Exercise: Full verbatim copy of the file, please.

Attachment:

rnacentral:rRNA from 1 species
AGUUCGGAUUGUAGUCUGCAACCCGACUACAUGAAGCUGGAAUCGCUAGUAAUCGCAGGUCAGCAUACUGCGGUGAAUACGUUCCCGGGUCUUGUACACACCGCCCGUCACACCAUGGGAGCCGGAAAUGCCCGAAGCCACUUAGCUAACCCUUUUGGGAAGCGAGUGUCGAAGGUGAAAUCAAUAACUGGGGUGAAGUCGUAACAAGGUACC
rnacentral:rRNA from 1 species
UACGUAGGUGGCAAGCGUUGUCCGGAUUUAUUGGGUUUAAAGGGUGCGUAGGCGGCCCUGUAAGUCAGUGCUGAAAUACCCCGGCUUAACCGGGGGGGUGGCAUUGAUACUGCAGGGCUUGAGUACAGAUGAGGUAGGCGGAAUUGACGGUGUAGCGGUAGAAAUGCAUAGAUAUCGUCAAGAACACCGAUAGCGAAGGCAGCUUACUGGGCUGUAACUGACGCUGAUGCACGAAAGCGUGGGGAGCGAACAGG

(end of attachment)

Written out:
rnacentral:rRNA from 1 species
AGUUCGGAUUGUAGUCUGCAACCCGACUACAUGAAGCUGGAAUCGCUAGUAAUCGCAGGUCAGCAUACUGCGGUGAAUACGUUCCCGGGUCUUGUACACACCGCCCGUCACACCAUGGGAGCCGGAAAUGCCCGAAGCCACUUAGCUAACCCUUUUGGGAAGCGAGUGUCGAAGGUGAAAUCAAUAACUGGGGUGAAGUCGUAACAAGGUACC
rnacentral:rRNA from 1 species
UACGUAGGUGGCAAGCGUUGUCCGGAUUUAUUGGGUUUAAAGGGUGCGUAGGCGGCCCUGUAAGUCAGUGCUGAAAUACCCCGGCUUAACCGGGGGGGUGGCAUUGAUACUGCAGGGCUUGAGUACAGAUGAGGUAGGCGGAAUUGACGGUGUAGCGGUAGAAAUGCAUAGAUAUCGUCAAGAACACCGAUAGCGAAGGCAGCUUACUGGGCUGUAACUGACGCUGAUGCACGAAAGCGUGGGGAGCGAACAGG